Access by Various artists

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Access: Legless

6 Responses

  • Howard Edwards,

    Thank you Chelle for sharing your experience of losing a leg and your subsequent steps of recovery (no pun intended) with the rest of the world.

    My father lost a leg as the result of a hunting accident when he was a young man, so I grew up thinking that amputee-ism was perfectly normal. Being as selfish as most young children naturally are, I used to wish sometimes that he could have played sport and run with me like other Dads. Also he was very protective of me in the outdoors because of course he couldn't run after me if I took off unexpectedly.

    As I grew older I not only felt ashamed for my selfishness but also came to admire how he did so many amazing things with no apparent effort - maintaining a big vege garden, mowing the lawn, riding a bike (while drunk!). Prosthetic limbs back in the 60s were heavy cumbersome devices, and even with a stump sock he would often suffer from chafing and blisters. Later on his heavy metal leg with a shoulder strap was replaced by a lighter model which eased a lot of his stump problems.

    An abiding memory was the day he was mowing the lawn at our bach, Part of the section was slightly hilly, and one day he slipped and his leg came off completely, just as a group of kids wre walking past. Did they run a mile!

    Have you by any chance been watching the excellent ABC drama series "The Time of Our Lives" that is currently showing on Choice TV? The patriarch of the family loses his leg after the car jack fails while he is working on his car, and it takes us through his rehabilitation including the reaction from his wife and adult children. You can catch up with previous episodes at this link (requires registration but is free).

    Albany • Since Apr 2013 • 66 posts Report Reply

  • Ianmac,

    Your description of your position is a valuable insight. Thanks Chelle.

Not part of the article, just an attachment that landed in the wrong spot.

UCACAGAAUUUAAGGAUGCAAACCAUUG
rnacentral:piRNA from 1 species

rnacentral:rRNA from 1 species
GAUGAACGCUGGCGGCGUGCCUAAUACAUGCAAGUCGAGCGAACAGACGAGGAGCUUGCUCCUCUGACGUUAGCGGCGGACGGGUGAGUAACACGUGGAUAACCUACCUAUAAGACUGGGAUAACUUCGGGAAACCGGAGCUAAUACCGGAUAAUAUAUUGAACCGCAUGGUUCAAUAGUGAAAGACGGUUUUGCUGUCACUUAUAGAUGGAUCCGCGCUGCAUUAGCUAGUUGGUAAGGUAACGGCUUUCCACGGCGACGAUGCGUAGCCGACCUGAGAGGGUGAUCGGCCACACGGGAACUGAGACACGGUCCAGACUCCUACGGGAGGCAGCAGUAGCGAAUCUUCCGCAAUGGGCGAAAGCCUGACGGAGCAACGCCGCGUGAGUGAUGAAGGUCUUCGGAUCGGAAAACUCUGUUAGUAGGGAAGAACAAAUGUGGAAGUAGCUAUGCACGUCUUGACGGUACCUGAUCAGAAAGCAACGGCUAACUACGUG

Bleneim • Since Aug 2008 • 135 posts Report Reply

  • Hilary Stace,

    I had been wondering how things were going with you. Thank you.

    Wgtn • Since Jun 2008 • 3213 posts Report Reply

  • Russell Brown, in reply to Ianmac,

    Your description of your position is a valuable insight. Thanks Chelle.

    I this is what Chelle does well – writes about experiences most of us will never have with such candour and clarity that we can start to understand them.

    Auckland • Since Nov 2006 • 22811 posts Report Reply

  • Sacha,

    It was so difficult for me to comprehend, even at the time, that I might feel so self conscious. After all, I have always used a wheelchair to get around and people have always stared.

    Sounds like a striking emotional experience. Thank you for telling us about it.

    Ak • Since May 2008 • 19705 posts Report Reply

  • steven crawford,

    Good to hear from you again Chelle. Iv’e thinking about what you wrote here when I have been out driving in the car. I realised how in this modern world, my legs just sit there quietly while I travel as far as Auckland from Wellington, or into and around town. And they can be a bit of liability when I fly. I easly forget about these things and take them for granted.

    Thank you for telling us what your experience has been. The one thing you talked about that I relate to is Grief. It’s one of those vacuums that never seems to stop sucking :-)

    Atlantis • Since Nov 2006 • 4411 posts Report Reply

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